Stars: Channing Tatum, Joe Manganiello, Matt Bomer, Adam Rodriguez, Kevin Nash, Gabriel Iglesias, Donald Glover, Jada Pinkett-Smith, Amber Heard, Andie MacDowell, Elizabeth Banks
Writer: Reid Carolin, based on characters created by Reid Carolin
Director: Gregory Jacobs
Distributor: Warner Bros.
Release Date: July 1, 2015
MAGIC MIKE XXL is an example of a sequel that improves on the original. In 2012’s MAGIC MIKE, we met the title character (Channing Tatum) and his cohorts at a Miami male strip club. The film registered as one of the least hysterical stories ever told about people who remove their clothes for a living.
MAGIC MIKE XXL is so amiable that it makes its relatively laid-back predecessor seem like a histrionic melodrama by comparison. Something is always happening in XXL, but it’s consistently humorous, often startling and usually very sweet, whether observing the generous friendship between the guys, seeing their flirtation with women or watching them embark on routines that are not only scandalous but designed to enhance the customers’ self-esteem, no small feat.
The plot is not complicated. Mike, now settled into his custom furniture business, is lured back for one more gig by his old crew, who are heading for a stripper convention in Myrtle Beach, South Carolina. Missing both the dancing and the camaraderie, Mike agrees – and then has a brainstorm about what their act should be like.
The movie is part musical – including not just dancing but singing by Matt Bomer and Donald Glover – and part road trip, minus the usual sulking, arguments and reconciliations that normally accompany this type of storytelling. The characters in MAGIC MIKE XXL are buddies. They razz each other, but are actually supportive, don’t try to tear each other down and don’t get into life-or-death quarrels about anything. They set each other a few fabulous challenges – some viewers will never look at a convenience store the same way again.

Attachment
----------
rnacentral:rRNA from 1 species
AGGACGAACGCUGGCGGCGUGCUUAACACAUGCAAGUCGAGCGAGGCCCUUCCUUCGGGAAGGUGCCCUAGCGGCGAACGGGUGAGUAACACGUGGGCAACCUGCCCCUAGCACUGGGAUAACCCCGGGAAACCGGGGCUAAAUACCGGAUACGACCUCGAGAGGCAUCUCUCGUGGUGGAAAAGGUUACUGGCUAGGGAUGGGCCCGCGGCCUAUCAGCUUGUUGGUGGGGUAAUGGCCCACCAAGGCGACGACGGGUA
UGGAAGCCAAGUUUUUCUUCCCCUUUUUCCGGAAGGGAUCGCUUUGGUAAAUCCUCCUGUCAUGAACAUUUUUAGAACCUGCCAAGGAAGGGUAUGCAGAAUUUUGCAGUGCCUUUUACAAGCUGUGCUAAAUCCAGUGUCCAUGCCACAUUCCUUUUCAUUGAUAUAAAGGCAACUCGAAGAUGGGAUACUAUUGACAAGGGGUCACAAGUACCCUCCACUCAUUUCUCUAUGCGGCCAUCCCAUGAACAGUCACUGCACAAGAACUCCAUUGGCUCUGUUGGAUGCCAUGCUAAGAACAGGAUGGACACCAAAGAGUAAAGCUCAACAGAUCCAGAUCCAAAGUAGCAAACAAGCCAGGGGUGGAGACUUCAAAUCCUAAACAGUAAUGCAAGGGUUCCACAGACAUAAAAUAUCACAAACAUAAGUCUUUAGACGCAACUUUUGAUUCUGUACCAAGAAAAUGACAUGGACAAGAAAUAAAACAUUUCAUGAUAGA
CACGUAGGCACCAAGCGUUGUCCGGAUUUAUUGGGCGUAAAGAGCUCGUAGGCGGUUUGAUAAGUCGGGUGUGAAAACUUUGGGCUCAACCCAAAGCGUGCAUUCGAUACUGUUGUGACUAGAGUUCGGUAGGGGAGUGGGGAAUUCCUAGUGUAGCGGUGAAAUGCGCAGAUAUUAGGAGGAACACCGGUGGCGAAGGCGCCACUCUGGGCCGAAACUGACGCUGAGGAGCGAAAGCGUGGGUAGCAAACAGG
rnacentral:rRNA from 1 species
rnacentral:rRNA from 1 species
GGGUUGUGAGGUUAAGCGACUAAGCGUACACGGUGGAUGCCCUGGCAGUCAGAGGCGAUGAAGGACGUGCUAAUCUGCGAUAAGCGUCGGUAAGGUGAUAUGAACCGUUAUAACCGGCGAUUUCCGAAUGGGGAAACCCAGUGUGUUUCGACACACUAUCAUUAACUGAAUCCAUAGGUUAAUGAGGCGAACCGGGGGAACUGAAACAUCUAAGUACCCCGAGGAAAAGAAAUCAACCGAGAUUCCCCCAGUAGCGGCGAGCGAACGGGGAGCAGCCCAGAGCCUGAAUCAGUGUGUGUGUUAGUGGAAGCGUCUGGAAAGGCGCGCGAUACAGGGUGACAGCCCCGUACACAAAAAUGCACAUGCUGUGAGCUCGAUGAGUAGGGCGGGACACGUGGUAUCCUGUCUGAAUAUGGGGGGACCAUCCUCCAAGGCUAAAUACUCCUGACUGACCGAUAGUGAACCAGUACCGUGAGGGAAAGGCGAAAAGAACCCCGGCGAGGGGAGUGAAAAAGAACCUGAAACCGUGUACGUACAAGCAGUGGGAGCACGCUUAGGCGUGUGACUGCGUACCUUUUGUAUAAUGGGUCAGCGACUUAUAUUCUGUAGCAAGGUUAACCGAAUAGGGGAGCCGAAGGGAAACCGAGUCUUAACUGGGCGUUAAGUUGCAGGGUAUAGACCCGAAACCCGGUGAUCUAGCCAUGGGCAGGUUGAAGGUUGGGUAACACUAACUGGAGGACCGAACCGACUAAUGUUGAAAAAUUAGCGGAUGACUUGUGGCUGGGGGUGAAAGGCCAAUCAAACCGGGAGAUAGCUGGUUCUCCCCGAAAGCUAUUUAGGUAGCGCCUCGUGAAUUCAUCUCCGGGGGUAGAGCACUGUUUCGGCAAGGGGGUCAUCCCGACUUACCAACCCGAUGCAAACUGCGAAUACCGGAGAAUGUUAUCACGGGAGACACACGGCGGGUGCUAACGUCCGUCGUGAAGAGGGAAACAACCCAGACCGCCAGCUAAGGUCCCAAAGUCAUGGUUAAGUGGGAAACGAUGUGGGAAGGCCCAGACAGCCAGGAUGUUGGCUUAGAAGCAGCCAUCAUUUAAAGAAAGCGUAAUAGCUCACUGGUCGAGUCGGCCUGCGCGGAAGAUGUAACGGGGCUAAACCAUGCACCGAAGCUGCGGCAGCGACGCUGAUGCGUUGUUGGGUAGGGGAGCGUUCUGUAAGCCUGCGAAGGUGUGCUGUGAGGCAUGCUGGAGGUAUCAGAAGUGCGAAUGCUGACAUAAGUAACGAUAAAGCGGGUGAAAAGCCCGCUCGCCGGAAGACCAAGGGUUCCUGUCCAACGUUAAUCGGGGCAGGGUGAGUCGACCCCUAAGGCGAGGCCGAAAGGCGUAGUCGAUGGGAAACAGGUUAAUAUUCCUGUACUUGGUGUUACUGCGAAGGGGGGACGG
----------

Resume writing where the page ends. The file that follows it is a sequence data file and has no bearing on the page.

For a movie concerned with visual stimulation, MAGIC MIKE XXL also gives respect to women of all ages, shapes, sizes and ethnicities. Jada Pinkett-Smith, who tears into her emcee role like she’s been waiting to play it forever, has a character who addresses all other women as “queens” who deserve to be made to feel beautiful and adored. If this seems at odds with the universe of male strippers, MAGIC MIKE XXL is here to show how the two can harmonize symphonically.
There is some discussion of what happened to characters from the first film who are missing in action here. Those remaining include Tatum’s down-to-Earth, still wonderfully athletic Mike, Joe Manganiello’s driven, easily inspired Richie, who has taken over as the group’s leader, Bomer’s comparatively straitlaced aspiring actor Ken, Kevin Nash’s burly, staunch Tarzan, Adam Rodriguez’s cheerful frozen-dessert entrepreneur Tito, and Gabriel Iglesias as loyal costumer Tobias, with Glover as a latecomer who has a gift for songwriting.
The film marks the feature directorial debut of Gregory Jacobs, longtime assistant of Steven Soderbergh, who directed the original MAGIC MIKE and here serves as cinematographer and editor. Reid Carolin, who penned the first one, wrote the script. Alison Faulk once again did the terrific choreography. The filmmakers all seem to want the viewers to feel like we’re out with good friends, laughing, happy, always engaged, never bored or insulted or alienated.
One could criticize MAGIC MIKE XXL for its barely-there storyline, but its combination of skill and goodwill and humor and affection add up to a movie where the feel-good factor really is extra-extra-large. It is not any more ambitious than its characters, but it’s a splendid example of what it is. If accomplishing laid-out goals, however modest, is a definition of success, this succeeds completely.
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